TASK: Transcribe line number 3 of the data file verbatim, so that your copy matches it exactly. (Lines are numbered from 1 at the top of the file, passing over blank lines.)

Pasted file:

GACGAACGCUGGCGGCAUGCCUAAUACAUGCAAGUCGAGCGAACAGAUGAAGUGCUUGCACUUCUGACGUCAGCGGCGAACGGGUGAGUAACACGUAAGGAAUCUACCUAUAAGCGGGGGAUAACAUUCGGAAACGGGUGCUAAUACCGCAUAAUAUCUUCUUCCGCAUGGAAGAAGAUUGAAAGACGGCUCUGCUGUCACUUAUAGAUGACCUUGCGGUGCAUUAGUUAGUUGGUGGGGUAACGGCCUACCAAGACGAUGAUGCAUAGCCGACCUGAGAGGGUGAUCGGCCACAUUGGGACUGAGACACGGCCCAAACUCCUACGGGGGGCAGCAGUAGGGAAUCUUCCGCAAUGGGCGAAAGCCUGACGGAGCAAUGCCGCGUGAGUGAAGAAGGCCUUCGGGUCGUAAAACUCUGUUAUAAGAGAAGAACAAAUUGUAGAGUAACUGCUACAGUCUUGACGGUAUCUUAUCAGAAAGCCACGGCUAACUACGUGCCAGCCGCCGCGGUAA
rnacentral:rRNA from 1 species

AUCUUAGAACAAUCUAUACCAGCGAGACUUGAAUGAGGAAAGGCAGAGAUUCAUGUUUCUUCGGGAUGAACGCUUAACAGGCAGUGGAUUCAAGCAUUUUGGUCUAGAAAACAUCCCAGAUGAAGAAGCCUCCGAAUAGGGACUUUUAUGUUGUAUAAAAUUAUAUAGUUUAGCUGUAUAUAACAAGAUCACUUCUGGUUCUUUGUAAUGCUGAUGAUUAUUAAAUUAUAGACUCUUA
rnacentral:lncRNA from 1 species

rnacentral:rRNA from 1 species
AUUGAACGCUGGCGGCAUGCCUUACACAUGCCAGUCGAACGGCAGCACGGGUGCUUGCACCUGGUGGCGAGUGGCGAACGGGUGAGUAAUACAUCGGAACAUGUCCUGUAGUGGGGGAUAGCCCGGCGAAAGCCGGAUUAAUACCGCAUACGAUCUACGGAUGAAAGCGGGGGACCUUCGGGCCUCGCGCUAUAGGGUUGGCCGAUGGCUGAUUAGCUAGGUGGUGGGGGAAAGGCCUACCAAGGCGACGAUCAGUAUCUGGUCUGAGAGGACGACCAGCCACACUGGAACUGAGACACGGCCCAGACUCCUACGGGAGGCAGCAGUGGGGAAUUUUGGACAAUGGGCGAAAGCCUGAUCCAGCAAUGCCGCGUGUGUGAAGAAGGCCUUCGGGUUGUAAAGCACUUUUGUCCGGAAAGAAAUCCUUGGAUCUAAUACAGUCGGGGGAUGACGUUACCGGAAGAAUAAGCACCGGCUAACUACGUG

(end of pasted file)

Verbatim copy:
AUCUUAGAACAAUCUAUACCAGCGAGACUUGAAUGAGGAAAGGCAGAGAUUCAUGUUUCUUCGGGAUGAACGCUUAACAGGCAGUGGAUUCAAGCAUUUUGGUCUAGAAAACAUCCCAGAUGAAGAAGCCUCCGAAUAGGGACUUUUAUGUUGUAUAAAAUUAUAUAGUUUAGCUGUAUAUAACAAGAUCACUUCUGGUUCUUUGUAAUGCUGAUGAUUAUUAAAUUAUAGACUCUUA